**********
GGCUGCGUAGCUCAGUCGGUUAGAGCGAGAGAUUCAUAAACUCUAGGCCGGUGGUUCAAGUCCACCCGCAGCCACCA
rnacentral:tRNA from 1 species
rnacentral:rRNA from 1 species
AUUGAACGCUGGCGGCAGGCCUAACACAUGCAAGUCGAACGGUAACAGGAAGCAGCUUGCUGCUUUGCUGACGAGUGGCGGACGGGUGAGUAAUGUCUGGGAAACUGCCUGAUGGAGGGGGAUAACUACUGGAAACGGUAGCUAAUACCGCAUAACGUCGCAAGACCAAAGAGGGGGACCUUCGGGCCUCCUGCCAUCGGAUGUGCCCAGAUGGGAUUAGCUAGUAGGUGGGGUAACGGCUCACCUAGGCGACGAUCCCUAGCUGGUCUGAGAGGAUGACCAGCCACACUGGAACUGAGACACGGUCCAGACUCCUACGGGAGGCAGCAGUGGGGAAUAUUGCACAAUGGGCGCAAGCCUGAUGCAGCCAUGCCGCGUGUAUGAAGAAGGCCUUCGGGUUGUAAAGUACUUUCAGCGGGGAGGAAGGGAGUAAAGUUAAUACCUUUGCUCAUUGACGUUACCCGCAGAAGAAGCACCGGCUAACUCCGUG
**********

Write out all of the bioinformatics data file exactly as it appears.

GGCUGCGUAGCUCAGUCGGUUAGAGCGAGAGAUUCAUAAACUCUAGGCCGGUGGUUCAAGUCCACCCGCAGCCACCA
rnacentral:tRNA from 1 species
rnacentral:rRNA from 1 species
AUUGAACGCUGGCGGCAGGCCUAACACAUGCAAGUCGAACGGUAACAGGAAGCAGCUUGCUGCUUUGCUGACGAGUGGCGGACGGGUGAGUAAUGUCUGGGAAACUGCCUGAUGGAGGGGGAUAACUACUGGAAACGGUAGCUAAUACCGCAUAACGUCGCAAGACCAAAGAGGGGGACCUUCGGGCCUCCUGCCAUCGGAUGUGCCCAGAUGGGAUUAGCUAGUAGGUGGGGUAACGGCUCACCUAGGCGACGAUCCCUAGCUGGUCUGAGAGGAUGACCAGCCACACUGGAACUGAGACACGGUCCAGACUCCUACGGGAGGCAGCAGUGGGGAAUAUUGCACAAUGGGCGCAAGCCUGAUGCAGCCAUGCCGCGUGUAUGAAGAAGGCCUUCGGGUUGUAAAGUACUUUCAGCGGGGAGGAAGGGAGUAAAGUUAAUACCUUUGCUCAUUGACGUUACCCGCAGAAGAAGCACCGGCUAACUCCGUG